“There was also a Romanian family that moved in to one of the council houses at the end of the street. Their kids were not really welcomed by the other kids first of all. You could kind of tell in the demeanour of people in the estate that they were looking down on them. I don’t think they lasted six months there.

“It wasn’t people with pitchforks saying stuff and writing the ‘n’ word on their home, but they weren’t welcomed.

“When more of a minority live in an area, it actually brings down the value of your home. So while people in the estate might not be overtly racist, they’re not happy that these people are moving in here, because now their house doesn’t cost as much.”

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aisling-frawley Ogbonna grew up playing with current Wexford Youths team-mate Aisling Frawley. Source: Ryan Byrne/INPHO

The Ireland setback threatened to derail Ogbonna’s career. When she eventually returned to soccer and joined Cork City while doing a degree at UCC, she was no longer at the level she had been, with peers quickly developing while she was stuck in limbo.

“I was just so far behind them,” she remembers. “I would have been overweight, my touch was crazy. So that kind of made me a bit more driven. 

“So I was just like: ‘There’s no way I can be in the same system and the same country as them, with less resources, and get to that level.’”

Ogbonna consequently opted to move to America in August 2014. She balanced soccer and a wellness and health promotion degree with a minor in psychology at Michigan-based Oakland University. 

“I was overweight and unfit for Women’s National League, and I was 100% worse in America.

“So it’s a miracle I got a full scholarship to a Division One school. I don’t really know how that happened, but I’m thankful regardless.

“By the end of that year, I was starting to get fit. We won the championship, so it was cool, a great experience.

“And then, I decided I needed to get fitter. I played my first 90 minutes in post-season and five days later, I tore my ACL.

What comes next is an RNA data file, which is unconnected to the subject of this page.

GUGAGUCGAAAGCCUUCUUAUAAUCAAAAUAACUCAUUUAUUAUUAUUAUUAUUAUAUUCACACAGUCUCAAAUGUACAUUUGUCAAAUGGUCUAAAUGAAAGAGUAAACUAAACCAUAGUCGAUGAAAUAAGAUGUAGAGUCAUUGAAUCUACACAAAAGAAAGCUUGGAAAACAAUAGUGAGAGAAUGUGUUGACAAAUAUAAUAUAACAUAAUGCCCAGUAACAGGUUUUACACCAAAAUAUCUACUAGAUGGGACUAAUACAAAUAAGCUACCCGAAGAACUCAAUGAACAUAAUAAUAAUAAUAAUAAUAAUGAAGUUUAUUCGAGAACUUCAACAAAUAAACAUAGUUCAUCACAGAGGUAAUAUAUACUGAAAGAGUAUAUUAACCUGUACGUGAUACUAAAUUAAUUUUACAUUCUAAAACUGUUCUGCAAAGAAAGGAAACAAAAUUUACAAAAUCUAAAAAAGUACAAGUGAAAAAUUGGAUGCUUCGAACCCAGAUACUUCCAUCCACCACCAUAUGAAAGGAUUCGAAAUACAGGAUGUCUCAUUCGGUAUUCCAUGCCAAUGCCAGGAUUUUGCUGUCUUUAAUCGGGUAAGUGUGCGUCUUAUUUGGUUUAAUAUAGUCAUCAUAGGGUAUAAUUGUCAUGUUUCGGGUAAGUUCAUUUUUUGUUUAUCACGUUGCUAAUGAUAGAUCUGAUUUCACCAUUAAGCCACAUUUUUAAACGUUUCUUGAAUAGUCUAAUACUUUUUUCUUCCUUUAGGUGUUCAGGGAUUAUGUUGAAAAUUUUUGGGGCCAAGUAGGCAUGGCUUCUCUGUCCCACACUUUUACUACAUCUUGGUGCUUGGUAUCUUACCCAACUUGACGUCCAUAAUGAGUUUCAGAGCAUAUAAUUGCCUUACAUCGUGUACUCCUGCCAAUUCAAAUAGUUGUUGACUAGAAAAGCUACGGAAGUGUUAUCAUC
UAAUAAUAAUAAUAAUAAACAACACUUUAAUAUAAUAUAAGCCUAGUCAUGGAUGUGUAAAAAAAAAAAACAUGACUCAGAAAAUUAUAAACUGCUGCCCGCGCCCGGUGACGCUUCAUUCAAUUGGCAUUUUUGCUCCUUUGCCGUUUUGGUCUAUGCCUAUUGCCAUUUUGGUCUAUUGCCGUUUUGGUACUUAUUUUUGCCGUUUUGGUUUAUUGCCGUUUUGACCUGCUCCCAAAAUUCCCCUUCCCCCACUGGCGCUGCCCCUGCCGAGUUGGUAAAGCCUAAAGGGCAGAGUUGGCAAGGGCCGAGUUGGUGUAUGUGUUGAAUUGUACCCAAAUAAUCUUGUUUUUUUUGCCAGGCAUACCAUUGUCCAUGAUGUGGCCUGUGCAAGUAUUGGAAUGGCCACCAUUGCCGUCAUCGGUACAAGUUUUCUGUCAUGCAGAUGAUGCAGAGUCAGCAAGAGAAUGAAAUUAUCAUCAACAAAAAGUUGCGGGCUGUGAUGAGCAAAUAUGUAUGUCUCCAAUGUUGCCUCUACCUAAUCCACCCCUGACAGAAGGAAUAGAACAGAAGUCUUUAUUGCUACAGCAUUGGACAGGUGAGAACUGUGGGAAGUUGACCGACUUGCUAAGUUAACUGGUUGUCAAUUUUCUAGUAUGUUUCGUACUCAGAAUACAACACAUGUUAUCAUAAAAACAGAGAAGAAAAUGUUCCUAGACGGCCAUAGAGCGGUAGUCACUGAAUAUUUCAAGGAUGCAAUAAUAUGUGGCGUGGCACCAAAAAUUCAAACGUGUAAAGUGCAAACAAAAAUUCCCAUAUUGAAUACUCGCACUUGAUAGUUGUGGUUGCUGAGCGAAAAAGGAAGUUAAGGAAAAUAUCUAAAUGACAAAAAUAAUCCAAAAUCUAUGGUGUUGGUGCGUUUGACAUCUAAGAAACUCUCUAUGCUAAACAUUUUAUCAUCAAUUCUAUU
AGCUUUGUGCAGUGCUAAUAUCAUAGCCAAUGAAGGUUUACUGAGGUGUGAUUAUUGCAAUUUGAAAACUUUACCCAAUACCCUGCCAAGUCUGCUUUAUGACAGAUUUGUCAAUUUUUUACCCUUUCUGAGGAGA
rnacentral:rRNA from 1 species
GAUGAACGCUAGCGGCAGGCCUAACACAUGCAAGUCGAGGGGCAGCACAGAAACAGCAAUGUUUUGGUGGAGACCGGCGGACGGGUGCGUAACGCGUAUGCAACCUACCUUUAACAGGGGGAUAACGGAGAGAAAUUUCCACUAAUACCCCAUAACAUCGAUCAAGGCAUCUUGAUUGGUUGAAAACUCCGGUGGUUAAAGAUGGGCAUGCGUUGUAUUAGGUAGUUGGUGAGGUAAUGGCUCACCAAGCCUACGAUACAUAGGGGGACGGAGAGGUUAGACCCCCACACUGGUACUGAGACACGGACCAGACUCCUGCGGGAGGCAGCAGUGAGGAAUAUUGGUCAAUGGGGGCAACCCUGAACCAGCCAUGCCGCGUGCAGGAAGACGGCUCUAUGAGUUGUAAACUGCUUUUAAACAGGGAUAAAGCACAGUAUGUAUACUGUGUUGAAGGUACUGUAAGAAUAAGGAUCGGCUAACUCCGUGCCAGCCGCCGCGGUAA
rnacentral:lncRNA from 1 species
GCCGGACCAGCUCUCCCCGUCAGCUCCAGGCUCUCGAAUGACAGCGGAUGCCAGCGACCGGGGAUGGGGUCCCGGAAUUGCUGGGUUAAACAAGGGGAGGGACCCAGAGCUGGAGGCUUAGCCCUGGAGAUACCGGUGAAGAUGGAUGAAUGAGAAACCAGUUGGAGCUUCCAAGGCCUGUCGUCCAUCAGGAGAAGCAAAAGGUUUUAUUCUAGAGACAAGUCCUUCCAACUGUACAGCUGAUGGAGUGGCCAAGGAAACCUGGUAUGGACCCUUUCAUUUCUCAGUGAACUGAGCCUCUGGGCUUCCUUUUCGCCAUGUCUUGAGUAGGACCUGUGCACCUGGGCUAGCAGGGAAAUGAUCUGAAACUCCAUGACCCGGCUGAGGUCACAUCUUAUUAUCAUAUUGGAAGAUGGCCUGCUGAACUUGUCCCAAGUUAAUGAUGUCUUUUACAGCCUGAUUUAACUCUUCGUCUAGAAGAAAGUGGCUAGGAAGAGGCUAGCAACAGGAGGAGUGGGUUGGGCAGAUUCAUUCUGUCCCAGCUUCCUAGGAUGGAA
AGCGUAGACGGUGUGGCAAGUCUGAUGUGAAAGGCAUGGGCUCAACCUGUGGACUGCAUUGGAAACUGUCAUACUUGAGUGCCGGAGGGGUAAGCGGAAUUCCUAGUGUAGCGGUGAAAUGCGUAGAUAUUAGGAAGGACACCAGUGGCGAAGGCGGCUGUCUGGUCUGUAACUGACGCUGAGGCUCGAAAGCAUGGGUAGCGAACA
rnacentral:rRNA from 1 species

The whole process of rehab takes a toll mentally. But it was probably one of the best things that’s ever happened to me with regards to the outcome of it, being able to become a stronger person and player.”

After returning from the US, Ogbonna’s initial instinct was to quit football.

“In America, the mentality once you’ve hit college is that that’s your prime. If you don’t make it to the draft, then ‘don’t plan on being a professional football player’.

“I was in a relationship at the time and I hadn’t had time to be a normal person and not be an athlete ever. So I was like: ‘I’m kind of sick of this whole training every day of my life kind of thing.’”

Ultimately though, her old friend Frawley persuaded a reluctant Ogbonna to come training with Wexford Youths. Despite the initial feelings of scepticism, she has barely looked back since.

It was a mixed first campaign for her last year. There was disappointment in the league, as they finished well behind champions Peamount. Nevertheless, a positive end to the season saw Wexford triumph in the FAI Cup final, though Ogbonna had to be content with a place on the bench for that memorable day at the Aviva.

This year, there is seemingly greater pressure. Ireland international Rianna Jarrett’s departure to Brighton has left a void up front. So along with fellow attackers Blessing Kingsley, Lauren Kelly and Ellen Molloy, Ogbonna will be aiming to compensate for the loss of their star player.

A decent start saw them win their first two games, before last weekend losing to another team expected to challenge for the title — Shelbourne. The 24-year-old, who balances football with work in a Waterford-based call centre, started on all three occasions, scoring in the 4-1 win over Bohs and providing the assist for the only goal in the victory away to Athlone.

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“Terrible” is the word that springs to mind when Ogbonna reflects on the various violent race-related incidents that have occurred over the past few months and which have inspired football and other sports to demonstrate their support for the Black Lives Matter movement.

Ogbonna’s current pinned tweet is a picture of her kneeling before a game, accompanied by the words: “Not just a couple seconds. It’s my life.”

“We weren’t surprised, this stuff happens every day,” she says. “It’s literally still happening. What’s surprising is the blatant disregard for human life in the face of cameras. It comes from a certain place where you know your privilege is going to get you through, even when there’s evidence there. It’s just [always] been happening. I don’t know what was different with [the George Floyd tragedy]. It definitely struck a chord, brought a lot of us together. Because when you see a black person being murdered in a situation where there’s not a crime, it just makes you think that that could be you at any stage. It’s not dramatic to think that, because it literally could be.